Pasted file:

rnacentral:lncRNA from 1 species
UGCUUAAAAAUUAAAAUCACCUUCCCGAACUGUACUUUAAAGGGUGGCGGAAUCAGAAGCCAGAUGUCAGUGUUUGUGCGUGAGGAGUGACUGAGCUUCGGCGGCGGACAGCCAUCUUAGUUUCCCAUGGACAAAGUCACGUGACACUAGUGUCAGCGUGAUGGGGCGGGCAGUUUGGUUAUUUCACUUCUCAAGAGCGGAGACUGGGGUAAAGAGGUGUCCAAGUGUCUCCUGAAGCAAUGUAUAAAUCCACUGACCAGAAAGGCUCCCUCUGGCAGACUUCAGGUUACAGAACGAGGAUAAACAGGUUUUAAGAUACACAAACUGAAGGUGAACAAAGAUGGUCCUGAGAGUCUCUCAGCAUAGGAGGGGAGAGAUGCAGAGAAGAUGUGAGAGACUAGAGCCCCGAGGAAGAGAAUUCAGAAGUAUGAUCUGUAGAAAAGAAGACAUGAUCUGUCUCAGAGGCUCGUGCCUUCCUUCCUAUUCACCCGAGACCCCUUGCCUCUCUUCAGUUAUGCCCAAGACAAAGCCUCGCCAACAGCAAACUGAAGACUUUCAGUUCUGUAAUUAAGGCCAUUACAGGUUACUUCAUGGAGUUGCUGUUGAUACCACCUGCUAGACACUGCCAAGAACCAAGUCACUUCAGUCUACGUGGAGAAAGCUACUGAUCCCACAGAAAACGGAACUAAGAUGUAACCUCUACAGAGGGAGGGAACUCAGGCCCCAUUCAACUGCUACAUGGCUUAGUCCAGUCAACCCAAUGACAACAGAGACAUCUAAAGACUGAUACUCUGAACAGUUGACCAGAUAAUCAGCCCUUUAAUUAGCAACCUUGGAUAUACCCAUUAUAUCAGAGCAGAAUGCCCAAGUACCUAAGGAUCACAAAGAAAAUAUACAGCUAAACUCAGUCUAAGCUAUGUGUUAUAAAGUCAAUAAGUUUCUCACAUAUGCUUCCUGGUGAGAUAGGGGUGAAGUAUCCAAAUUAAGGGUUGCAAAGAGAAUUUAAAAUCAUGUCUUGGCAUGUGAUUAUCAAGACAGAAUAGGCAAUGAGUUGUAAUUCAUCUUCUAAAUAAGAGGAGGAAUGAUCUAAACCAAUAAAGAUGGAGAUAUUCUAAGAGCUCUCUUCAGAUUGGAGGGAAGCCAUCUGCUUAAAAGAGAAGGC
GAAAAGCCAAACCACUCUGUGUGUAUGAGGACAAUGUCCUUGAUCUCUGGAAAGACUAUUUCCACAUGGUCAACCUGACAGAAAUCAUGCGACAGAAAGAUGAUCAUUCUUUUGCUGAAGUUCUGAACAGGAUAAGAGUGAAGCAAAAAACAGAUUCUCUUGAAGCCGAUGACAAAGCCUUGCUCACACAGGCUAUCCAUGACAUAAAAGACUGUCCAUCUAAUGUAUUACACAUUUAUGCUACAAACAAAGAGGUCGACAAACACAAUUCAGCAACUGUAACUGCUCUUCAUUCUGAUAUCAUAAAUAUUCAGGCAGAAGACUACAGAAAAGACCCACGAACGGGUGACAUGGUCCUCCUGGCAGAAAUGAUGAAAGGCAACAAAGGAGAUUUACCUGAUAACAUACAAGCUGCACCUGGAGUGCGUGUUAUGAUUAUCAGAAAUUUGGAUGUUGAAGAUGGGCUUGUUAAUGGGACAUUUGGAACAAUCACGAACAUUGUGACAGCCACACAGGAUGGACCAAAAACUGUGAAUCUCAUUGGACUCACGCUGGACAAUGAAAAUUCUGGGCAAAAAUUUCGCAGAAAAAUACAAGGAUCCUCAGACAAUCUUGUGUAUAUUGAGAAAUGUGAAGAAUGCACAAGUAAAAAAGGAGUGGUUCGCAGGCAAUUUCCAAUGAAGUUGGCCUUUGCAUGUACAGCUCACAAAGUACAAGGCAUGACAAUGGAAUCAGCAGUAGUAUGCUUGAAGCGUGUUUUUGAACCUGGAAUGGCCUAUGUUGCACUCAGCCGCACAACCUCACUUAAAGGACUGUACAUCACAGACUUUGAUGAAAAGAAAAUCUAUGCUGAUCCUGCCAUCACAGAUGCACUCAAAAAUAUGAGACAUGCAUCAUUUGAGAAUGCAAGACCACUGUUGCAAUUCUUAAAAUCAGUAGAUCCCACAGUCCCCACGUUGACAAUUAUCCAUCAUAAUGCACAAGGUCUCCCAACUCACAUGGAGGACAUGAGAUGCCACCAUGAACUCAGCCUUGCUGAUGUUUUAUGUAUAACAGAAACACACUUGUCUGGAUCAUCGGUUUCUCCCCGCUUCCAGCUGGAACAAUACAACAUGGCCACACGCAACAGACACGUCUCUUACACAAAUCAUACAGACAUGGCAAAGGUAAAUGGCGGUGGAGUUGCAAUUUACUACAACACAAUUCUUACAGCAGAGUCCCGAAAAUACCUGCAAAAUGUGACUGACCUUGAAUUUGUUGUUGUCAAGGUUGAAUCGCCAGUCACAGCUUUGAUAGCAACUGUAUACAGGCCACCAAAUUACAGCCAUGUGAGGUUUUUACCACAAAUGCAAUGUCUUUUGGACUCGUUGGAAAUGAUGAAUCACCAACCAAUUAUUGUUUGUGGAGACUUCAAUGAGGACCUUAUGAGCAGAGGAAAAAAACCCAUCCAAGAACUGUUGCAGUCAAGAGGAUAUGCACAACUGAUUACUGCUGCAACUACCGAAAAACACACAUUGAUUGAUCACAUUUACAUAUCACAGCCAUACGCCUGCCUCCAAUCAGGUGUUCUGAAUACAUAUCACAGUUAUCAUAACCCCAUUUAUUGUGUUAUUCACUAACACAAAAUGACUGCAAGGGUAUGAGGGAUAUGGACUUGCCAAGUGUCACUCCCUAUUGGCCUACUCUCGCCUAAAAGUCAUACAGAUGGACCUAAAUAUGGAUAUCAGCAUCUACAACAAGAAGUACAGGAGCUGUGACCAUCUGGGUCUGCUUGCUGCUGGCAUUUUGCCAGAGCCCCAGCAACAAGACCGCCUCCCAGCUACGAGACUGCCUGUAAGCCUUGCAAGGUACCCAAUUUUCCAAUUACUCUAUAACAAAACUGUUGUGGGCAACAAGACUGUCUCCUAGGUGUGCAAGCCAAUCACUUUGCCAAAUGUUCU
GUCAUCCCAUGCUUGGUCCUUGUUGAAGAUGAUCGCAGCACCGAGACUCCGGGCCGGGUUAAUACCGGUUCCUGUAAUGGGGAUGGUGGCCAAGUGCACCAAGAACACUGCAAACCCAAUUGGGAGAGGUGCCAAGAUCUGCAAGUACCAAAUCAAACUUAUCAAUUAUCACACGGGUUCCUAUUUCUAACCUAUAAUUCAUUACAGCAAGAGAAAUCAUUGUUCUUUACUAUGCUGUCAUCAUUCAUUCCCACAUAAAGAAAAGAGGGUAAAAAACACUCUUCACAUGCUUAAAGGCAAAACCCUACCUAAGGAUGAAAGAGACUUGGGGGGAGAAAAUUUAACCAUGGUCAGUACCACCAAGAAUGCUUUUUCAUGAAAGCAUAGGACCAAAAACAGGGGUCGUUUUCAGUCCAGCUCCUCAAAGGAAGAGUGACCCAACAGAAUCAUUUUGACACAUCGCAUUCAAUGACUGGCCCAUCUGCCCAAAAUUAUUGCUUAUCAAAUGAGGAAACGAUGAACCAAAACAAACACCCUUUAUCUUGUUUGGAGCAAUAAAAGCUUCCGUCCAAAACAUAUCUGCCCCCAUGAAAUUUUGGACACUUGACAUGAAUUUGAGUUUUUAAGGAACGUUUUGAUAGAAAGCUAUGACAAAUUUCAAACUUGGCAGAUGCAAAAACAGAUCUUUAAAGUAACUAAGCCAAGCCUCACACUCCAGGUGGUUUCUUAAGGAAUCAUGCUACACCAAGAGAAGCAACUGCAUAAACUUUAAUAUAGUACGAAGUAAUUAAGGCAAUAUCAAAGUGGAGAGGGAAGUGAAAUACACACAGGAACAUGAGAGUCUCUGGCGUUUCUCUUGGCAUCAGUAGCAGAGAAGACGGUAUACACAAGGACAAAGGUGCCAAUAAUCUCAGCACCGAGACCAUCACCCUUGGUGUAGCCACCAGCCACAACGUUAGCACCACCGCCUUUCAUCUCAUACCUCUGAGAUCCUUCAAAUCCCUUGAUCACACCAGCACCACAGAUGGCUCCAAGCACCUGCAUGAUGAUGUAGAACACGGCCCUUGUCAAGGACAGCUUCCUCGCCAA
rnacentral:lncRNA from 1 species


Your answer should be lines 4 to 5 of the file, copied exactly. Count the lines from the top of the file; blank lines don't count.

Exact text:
GUCAUCCCAUGCUUGGUCCUUGUUGAAGAUGAUCGCAGCACCGAGACUCCGGGCCGGGUUAAUACCGGUUCCUGUAAUGGGGAUGGUGGCCAAGUGCACCAAGAACACUGCAAACCCAAUUGGGAGAGGUGCCAAGAUCUGCAAGUACCAAAUCAAACUUAUCAAUUAUCACACGGGUUCCUAUUUCUAACCUAUAAUUCAUUACAGCAAGAGAAAUCAUUGUUCUUUACUAUGCUGUCAUCAUUCAUUCCCACAUAAAGAAAAGAGGGUAAAAAACACUCUUCACAUGCUUAAAGGCAAAACCCUACCUAAGGAUGAAAGAGACUUGGGGGGAGAAAAUUUAACCAUGGUCAGUACCACCAAGAAUGCUUUUUCAUGAAAGCAUAGGACCAAAAACAGGGGUCGUUUUCAGUCCAGCUCCUCAAAGGAAGAGUGACCCAACAGAAUCAUUUUGACACAUCGCAUUCAAUGACUGGCCCAUCUGCCCAAAAUUAUUGCUUAUCAAAUGAGGAAACGAUGAACCAAAACAAACACCCUUUAUCUUGUUUGGAGCAAUAAAAGCUUCCGUCCAAAACAUAUCUGCCCCCAUGAAAUUUUGGACACUUGACAUGAAUUUGAGUUUUUAAGGAACGUUUUGAUAGAAAGCUAUGACAAAUUUCAAACUUGGCAGAUGCAAAAACAGAUCUUUAAAGUAACUAAGCCAAGCCUCACACUCCAGGUGGUUUCUUAAGGAAUCAUGCUACACCAAGAGAAGCAACUGCAUAAACUUUAAUAUAGUACGAAGUAAUUAAGGCAAUAUCAAAGUGGAGAGGGAAGUGAAAUACACACAGGAACAUGAGAGUCUCUGGCGUUUCUCUUGGCAUCAGUAGCAGAGAAGACGGUAUACACAAGGACAAAGGUGCCAAUAAUCUCAGCACCGAGACCAUCACCCUUGGUGUAGCCACCAGCCACAACGUUAGCACCACCGCCUUUCAUCUCAUACCUCUGAGAUCCUUCAAAUCCCUUGAUCACACCAGCACCACAGAUGGCUCCAAGCACCUGCAUGAUGAUGUAGAACACGGCCCUUGUCAAGGACAGCUUCCUCGCCAA
rnacentral:lncRNA from 1 species